Your neighbour should approach his insurers ( car or house) and let them deal with your insurance company direct.

    They normally sort it out sensibly between themselves.

    As I said at the top though - don't worry about it:thumb:
     
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  12. mitzimad

    mitzimad Funster

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    shysters every one of them how caNn they justify raising our premium due to a non fault accident that was paid in full by the third party, since we run 4 vehicles its a fair sum across them all probably as much as the claim was
    we wasnt even driving or in the van at the time of the accident
     
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  13. ourcampersbeentrashed

    ourcampersbeentrashed Funster

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    summer 2012 whilst away on holiday a tree from on of the neighbours that back onto our property fell down. It was a large damson tree.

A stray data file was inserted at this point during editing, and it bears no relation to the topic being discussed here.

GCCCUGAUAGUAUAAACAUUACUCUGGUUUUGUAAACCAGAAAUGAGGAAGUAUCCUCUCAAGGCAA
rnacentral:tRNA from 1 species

It damaged a motorvehicle on sorn and the fence that is our responsibility.

    Their insurance never paid up even though there was no question of liability.
     
  14. GJH

    GJH Funster Life Member

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    Happily, our experience when our van was smashed was different. Even with three insurance companies and two assessors (habitation and chassis) involved and Christmas/New Year holidays we were paid in full within 6 weeks.
     
  15. TheCaller

    TheCaller Funster

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    Yes.

    You have an insurance policy that covers your property against accidental damage & against your liability for negligence.

    Your neighbour will have (should have) the same.

    Your neighbour's car was accidentally damaged by an event that was not your fault. You were not negligent & your neighbour has no claim against you.

    You can't insure against moral responsibility or guilty feelings, only legal liabilities. You are not liable for random accidents of nature - only if you can be proved to have failed to maintain the roof to the standard expected of a reasonable & responsible property owner & that you should have anticipated the consequences of that failure.